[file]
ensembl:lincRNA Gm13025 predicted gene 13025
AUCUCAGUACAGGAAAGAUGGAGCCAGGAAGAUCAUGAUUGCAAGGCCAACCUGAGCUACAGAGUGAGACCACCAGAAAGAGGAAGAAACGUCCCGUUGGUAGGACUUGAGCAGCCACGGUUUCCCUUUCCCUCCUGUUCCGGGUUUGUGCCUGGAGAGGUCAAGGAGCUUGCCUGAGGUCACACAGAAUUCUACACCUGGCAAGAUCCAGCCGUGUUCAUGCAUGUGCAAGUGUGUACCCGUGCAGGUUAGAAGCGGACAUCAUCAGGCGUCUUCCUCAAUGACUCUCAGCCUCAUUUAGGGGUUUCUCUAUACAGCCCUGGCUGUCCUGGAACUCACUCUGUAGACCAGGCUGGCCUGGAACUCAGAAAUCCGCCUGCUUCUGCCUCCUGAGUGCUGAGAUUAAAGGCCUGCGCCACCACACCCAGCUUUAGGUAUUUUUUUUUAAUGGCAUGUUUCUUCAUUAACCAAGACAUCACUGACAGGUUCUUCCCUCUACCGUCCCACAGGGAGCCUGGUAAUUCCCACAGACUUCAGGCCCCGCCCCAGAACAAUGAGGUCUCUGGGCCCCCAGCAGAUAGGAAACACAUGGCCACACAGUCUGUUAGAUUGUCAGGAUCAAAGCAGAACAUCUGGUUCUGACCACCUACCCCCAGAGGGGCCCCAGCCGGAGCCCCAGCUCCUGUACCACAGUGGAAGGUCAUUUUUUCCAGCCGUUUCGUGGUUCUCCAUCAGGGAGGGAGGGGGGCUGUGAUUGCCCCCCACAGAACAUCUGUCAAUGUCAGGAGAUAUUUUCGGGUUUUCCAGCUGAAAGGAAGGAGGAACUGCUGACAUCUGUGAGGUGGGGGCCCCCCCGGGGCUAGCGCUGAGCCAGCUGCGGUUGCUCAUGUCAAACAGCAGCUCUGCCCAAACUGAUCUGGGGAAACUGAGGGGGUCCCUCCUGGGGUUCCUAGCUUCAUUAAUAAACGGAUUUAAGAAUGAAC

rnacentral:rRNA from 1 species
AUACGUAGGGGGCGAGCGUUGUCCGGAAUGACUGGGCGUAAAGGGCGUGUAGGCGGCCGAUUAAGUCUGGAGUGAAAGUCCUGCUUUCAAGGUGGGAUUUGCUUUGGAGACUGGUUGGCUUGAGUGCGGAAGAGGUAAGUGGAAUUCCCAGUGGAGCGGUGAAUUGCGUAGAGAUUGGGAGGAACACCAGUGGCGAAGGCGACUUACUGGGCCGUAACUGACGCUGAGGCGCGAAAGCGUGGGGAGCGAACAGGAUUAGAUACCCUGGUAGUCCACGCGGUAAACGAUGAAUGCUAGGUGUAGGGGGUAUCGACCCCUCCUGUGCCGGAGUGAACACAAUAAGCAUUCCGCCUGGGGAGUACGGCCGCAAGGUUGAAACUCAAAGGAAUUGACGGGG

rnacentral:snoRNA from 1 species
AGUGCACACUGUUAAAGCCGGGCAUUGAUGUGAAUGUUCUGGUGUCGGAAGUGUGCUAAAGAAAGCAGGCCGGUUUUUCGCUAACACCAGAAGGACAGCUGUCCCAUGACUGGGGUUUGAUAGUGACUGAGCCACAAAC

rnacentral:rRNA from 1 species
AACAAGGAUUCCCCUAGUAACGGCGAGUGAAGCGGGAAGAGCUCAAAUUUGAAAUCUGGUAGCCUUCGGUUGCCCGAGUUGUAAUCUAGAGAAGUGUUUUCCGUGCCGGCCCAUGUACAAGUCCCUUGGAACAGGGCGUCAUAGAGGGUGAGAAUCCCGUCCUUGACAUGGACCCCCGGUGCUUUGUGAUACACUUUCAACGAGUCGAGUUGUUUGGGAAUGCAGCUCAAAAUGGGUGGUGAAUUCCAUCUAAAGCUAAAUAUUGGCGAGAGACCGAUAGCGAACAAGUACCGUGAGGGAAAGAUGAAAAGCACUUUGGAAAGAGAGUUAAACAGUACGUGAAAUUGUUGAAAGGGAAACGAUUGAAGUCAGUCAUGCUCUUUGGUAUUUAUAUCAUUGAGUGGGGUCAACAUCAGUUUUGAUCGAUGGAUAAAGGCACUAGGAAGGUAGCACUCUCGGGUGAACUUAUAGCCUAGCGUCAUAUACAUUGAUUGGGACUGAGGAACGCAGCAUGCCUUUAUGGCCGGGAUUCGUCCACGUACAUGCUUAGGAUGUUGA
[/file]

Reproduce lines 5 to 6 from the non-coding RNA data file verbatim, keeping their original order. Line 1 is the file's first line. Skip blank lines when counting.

rnacentral:snoRNA from 1 species
AGUGCACACUGUUAAAGCCGGGCAUUGAUGUGAAUGUUCUGGUGUCGGAAGUGUGCUAAAGAAAGCAGGCCGGUUUUUCGCUAACACCAGAAGGACAGCUGUCCCAUGACUGGGGUUUGAUAGUGACUGAGCCACAAAC